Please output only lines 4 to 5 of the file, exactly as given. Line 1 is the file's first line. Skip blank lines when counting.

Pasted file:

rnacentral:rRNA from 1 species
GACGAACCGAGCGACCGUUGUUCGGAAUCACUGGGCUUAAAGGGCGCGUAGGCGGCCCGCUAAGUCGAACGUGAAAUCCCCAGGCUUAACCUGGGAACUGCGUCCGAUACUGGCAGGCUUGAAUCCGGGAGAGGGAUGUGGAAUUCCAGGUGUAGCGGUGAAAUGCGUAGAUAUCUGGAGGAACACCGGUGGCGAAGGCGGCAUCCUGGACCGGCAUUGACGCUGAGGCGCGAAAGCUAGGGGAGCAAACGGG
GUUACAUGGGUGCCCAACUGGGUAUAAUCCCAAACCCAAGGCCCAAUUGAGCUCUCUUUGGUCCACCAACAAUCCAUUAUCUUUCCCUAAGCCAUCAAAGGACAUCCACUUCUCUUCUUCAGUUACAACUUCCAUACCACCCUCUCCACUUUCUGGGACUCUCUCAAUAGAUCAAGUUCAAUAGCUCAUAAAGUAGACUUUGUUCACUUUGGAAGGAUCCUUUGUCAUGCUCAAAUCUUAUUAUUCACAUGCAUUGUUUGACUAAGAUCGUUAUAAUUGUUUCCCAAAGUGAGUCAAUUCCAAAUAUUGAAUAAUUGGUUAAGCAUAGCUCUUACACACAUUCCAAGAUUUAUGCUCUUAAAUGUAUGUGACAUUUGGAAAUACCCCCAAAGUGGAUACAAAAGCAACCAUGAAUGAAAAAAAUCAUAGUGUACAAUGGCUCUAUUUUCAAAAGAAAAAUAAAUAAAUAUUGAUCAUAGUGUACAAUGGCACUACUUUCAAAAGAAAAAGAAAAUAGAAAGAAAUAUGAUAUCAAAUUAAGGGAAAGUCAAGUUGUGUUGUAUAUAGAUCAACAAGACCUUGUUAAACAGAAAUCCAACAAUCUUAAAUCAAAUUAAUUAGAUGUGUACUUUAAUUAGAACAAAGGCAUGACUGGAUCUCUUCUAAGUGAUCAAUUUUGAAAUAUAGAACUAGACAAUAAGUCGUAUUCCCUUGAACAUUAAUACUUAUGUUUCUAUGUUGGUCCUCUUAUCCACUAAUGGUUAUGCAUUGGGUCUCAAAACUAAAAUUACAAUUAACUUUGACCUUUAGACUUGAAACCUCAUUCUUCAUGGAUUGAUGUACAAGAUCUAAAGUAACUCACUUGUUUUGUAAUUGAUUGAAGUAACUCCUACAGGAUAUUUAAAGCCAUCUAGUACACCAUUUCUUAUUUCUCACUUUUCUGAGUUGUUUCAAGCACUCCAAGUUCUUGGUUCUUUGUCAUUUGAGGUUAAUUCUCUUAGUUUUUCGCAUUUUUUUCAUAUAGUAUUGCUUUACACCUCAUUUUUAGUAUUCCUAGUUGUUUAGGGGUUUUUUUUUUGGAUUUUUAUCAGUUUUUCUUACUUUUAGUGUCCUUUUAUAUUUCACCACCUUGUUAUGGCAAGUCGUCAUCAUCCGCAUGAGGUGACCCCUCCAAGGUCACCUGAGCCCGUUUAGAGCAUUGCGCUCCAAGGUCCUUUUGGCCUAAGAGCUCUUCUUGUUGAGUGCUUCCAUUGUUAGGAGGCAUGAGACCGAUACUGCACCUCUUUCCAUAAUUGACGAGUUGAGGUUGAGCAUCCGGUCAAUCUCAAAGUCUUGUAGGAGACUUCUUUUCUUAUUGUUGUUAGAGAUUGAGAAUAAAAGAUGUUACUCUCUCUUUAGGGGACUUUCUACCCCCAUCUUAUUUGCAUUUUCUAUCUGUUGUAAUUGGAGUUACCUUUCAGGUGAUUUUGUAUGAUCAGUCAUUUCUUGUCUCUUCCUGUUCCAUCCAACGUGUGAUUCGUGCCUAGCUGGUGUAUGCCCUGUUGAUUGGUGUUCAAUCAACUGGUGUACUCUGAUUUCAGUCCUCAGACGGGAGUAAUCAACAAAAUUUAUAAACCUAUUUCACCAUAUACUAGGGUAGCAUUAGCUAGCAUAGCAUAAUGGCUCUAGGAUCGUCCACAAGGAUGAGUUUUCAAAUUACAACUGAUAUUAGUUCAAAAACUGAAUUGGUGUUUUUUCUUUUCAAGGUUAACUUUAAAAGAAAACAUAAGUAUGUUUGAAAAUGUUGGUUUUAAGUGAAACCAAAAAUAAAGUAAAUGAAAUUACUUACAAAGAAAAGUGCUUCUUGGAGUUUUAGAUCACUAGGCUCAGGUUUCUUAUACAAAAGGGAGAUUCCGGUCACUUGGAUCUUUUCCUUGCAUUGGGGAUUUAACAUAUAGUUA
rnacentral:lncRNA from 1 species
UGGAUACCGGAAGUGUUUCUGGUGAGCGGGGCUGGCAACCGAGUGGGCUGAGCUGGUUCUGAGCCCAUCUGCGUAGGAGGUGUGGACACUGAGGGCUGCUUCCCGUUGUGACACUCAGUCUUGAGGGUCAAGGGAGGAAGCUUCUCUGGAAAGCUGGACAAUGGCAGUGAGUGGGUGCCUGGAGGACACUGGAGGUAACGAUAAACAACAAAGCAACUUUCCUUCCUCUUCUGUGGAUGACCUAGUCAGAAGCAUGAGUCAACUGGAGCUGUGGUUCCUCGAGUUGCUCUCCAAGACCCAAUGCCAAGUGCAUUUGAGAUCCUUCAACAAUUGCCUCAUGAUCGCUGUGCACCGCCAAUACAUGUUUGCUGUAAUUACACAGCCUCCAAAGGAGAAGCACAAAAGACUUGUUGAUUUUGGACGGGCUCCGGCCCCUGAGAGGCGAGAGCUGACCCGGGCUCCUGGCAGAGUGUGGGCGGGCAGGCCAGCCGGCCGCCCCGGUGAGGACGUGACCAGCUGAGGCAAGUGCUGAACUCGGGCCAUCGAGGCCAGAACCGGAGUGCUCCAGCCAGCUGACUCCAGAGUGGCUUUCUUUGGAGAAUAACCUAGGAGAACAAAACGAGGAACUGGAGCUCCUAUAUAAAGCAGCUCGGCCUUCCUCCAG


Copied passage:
rnacentral:lncRNA from 1 species
UGGAUACCGGAAGUGUUUCUGGUGAGCGGGGCUGGCAACCGAGUGGGCUGAGCUGGUUCUGAGCCCAUCUGCGUAGGAGGUGUGGACACUGAGGGCUGCUUCCCGUUGUGACACUCAGUCUUGAGGGUCAAGGGAGGAAGCUUCUCUGGAAAGCUGGACAAUGGCAGUGAGUGGGUGCCUGGAGGACACUGGAGGUAACGAUAAACAACAAAGCAACUUUCCUUCCUCUUCUGUGGAUGACCUAGUCAGAAGCAUGAGUCAACUGGAGCUGUGGUUCCUCGAGUUGCUCUCCAAGACCCAAUGCCAAGUGCAUUUGAGAUCCUUCAACAAUUGCCUCAUGAUCGCUGUGCACCGCCAAUACAUGUUUGCUGUAAUUACACAGCCUCCAAAGGAGAAGCACAAAAGACUUGUUGAUUUUGGACGGGCUCCGGCCCCUGAGAGGCGAGAGCUGACCCGGGCUCCUGGCAGAGUGUGGGCGGGCAGGCCAGCCGGCCGCCCCGGUGAGGACGUGACCAGCUGAGGCAAGUGCUGAACUCGGGCCAUCGAGGCCAGAACCGGAGUGCUCCAGCCAGCUGACUCCAGAGUGGCUUUCUUUGGAGAAUAACCUAGGAGAACAAAACGAGGAACUGGAGCUCCUAUAUAAAGCAGCUCGGCCUUCCUCCAG